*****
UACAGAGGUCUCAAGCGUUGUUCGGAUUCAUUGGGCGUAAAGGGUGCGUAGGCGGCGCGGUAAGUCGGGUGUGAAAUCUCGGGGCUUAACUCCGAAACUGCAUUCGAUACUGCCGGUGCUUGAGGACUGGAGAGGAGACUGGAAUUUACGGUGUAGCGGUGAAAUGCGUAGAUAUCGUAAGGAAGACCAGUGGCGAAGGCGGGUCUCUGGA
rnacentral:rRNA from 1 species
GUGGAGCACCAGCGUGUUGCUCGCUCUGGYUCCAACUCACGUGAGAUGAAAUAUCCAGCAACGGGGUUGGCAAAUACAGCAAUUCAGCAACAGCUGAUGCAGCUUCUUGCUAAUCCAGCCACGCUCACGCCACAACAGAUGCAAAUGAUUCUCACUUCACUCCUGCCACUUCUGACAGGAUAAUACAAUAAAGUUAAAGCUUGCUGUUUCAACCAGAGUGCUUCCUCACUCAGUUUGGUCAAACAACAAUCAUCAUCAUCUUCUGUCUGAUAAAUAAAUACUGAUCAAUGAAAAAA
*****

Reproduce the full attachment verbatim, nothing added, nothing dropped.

UACAGAGGUCUCAAGCGUUGUUCGGAUUCAUUGGGCGUAAAGGGUGCGUAGGCGGCGCGGUAAGUCGGGUGUGAAAUCUCGGGGCUUAACUCCGAAACUGCAUUCGAUACUGCCGGUGCUUGAGGACUGGAGAGGAGACUGGAAUUUACGGUGUAGCGGUGAAAUGCGUAGAUAUCGUAAGGAAGACCAGUGGCGAAGGCGGGUCUCUGGA
rnacentral:rRNA from 1 species
GUGGAGCACCAGCGUGUUGCUCGCUCUGGYUCCAACUCACGUGAGAUGAAAUAUCCAGCAACGGGGUUGGCAAAUACAGCAAUUCAGCAACAGCUGAUGCAGCUUCUUGCUAAUCCAGCCACGCUCACGCCACAACAGAUGCAAAUGAUUCUCACUUCACUCCUGCCACUUCUGACAGGAUAAUACAAUAAAGUUAAAGCUUGCUGUUUCAACCAGAGUGCUUCCUCACUCAGUUUGGUCAAACAACAAUCAUCAUCAUCUUCUGUCUGAUAAAUAAAUACUGAUCAAUGAAAAAA